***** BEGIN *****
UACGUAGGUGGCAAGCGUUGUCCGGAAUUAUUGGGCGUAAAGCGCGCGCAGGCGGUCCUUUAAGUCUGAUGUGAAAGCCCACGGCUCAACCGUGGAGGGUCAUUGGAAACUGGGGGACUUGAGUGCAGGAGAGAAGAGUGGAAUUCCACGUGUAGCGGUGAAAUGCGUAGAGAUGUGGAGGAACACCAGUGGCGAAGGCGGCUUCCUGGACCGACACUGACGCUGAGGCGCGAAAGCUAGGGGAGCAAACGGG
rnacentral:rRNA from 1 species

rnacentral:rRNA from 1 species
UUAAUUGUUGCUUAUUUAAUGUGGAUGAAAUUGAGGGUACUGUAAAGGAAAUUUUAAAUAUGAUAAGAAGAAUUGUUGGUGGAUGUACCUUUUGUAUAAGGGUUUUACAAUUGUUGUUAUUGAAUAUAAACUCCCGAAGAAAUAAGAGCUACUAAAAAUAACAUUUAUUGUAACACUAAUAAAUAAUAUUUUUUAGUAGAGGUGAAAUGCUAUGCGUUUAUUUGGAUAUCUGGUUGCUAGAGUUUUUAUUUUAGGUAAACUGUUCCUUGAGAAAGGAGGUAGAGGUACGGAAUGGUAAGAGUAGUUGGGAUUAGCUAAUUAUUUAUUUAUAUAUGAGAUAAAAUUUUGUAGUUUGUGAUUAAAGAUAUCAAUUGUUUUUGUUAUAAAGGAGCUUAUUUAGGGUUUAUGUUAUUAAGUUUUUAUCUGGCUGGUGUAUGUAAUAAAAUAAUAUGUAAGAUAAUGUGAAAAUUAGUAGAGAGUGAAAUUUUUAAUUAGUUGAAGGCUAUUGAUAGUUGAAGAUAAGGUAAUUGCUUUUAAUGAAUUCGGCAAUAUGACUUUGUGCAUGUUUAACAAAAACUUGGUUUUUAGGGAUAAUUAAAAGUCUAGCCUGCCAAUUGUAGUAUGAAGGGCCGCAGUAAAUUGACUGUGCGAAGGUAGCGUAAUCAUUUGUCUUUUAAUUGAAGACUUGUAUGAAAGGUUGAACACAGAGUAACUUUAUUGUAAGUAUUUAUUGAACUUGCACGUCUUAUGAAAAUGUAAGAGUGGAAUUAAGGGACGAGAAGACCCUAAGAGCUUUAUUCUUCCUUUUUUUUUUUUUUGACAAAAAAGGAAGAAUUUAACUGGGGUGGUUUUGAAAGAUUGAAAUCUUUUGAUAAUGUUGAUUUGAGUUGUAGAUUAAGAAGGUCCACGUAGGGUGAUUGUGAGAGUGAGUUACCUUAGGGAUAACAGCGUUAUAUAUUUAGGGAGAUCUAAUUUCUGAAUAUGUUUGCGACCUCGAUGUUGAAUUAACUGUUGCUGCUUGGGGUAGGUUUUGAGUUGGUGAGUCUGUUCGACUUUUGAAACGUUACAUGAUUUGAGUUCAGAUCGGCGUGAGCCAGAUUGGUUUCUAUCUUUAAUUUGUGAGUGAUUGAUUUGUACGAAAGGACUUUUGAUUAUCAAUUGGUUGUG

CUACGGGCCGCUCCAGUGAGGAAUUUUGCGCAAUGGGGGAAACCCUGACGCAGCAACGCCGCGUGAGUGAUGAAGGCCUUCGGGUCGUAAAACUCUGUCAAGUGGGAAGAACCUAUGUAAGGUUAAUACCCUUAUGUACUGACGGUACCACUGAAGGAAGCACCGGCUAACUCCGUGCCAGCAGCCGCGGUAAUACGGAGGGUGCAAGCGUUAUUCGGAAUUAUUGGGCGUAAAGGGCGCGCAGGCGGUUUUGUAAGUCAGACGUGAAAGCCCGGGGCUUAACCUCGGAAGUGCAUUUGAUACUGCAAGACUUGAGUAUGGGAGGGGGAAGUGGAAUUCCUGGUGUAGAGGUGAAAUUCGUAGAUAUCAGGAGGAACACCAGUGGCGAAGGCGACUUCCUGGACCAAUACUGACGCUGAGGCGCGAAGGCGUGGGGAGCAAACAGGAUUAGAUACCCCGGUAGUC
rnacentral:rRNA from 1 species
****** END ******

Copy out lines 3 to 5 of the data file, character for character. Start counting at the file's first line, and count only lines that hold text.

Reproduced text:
rnacentral:rRNA from 1 species
UUAAUUGUUGCUUAUUUAAUGUGGAUGAAAUUGAGGGUACUGUAAAGGAAAUUUUAAAUAUGAUAAGAAGAAUUGUUGGUGGAUGUACCUUUUGUAUAAGGGUUUUACAAUUGUUGUUAUUGAAUAUAAACUCCCGAAGAAAUAAGAGCUACUAAAAAUAACAUUUAUUGUAACACUAAUAAAUAAUAUUUUUUAGUAGAGGUGAAAUGCUAUGCGUUUAUUUGGAUAUCUGGUUGCUAGAGUUUUUAUUUUAGGUAAACUGUUCCUUGAGAAAGGAGGUAGAGGUACGGAAUGGUAAGAGUAGUUGGGAUUAGCUAAUUAUUUAUUUAUAUAUGAGAUAAAAUUUUGUAGUUUGUGAUUAAAGAUAUCAAUUGUUUUUGUUAUAAAGGAGCUUAUUUAGGGUUUAUGUUAUUAAGUUUUUAUCUGGCUGGUGUAUGUAAUAAAAUAAUAUGUAAGAUAAUGUGAAAAUUAGUAGAGAGUGAAAUUUUUAAUUAGUUGAAGGCUAUUGAUAGUUGAAGAUAAGGUAAUUGCUUUUAAUGAAUUCGGCAAUAUGACUUUGUGCAUGUUUAACAAAAACUUGGUUUUUAGGGAUAAUUAAAAGUCUAGCCUGCCAAUUGUAGUAUGAAGGGCCGCAGUAAAUUGACUGUGCGAAGGUAGCGUAAUCAUUUGUCUUUUAAUUGAAGACUUGUAUGAAAGGUUGAACACAGAGUAACUUUAUUGUAAGUAUUUAUUGAACUUGCACGUCUUAUGAAAAUGUAAGAGUGGAAUUAAGGGACGAGAAGACCCUAAGAGCUUUAUUCUUCCUUUUUUUUUUUUUUGACAAAAAAGGAAGAAUUUAACUGGGGUGGUUUUGAAAGAUUGAAAUCUUUUGAUAAUGUUGAUUUGAGUUGUAGAUUAAGAAGGUCCACGUAGGGUGAUUGUGAGAGUGAGUUACCUUAGGGAUAACAGCGUUAUAUAUUUAGGGAGAUCUAAUUUCUGAAUAUGUUUGCGACCUCGAUGUUGAAUUAACUGUUGCUGCUUGGGGUAGGUUUUGAGUUGGUGAGUCUGUUCGACUUUUGAAACGUUACAUGAUUUGAGUUCAGAUCGGCGUGAGCCAGAUUGGUUUCUAUCUUUAAUUUGUGAGUGAUUGAUUUGUACGAAAGGACUUUUGAUUAUCAAUUGGUUGUG

CUACGGGCCGCUCCAGUGAGGAAUUUUGCGCAAUGGGGGAAACCCUGACGCAGCAACGCCGCGUGAGUGAUGAAGGCCUUCGGGUCGUAAAACUCUGUCAAGUGGGAAGAACCUAUGUAAGGUUAAUACCCUUAUGUACUGACGGUACCACUGAAGGAAGCACCGGCUAACUCCGUGCCAGCAGCCGCGGUAAUACGGAGGGUGCAAGCGUUAUUCGGAAUUAUUGGGCGUAAAGGGCGCGCAGGCGGUUUUGUAAGUCAGACGUGAAAGCCCGGGGCUUAACCUCGGAAGUGCAUUUGAUACUGCAAGACUUGAGUAUGGGAGGGGGAAGUGGAAUUCCUGGUGUAGAGGUGAAAUUCGUAGAUAUCAGGAGGAACACCAGUGGCGAAGGCGACUUCCUGGACCAAUACUGACGCUGAGGCGCGAAGGCGUGGGGAGCAAACAGGAUUAGAUACCCCGGUAGUC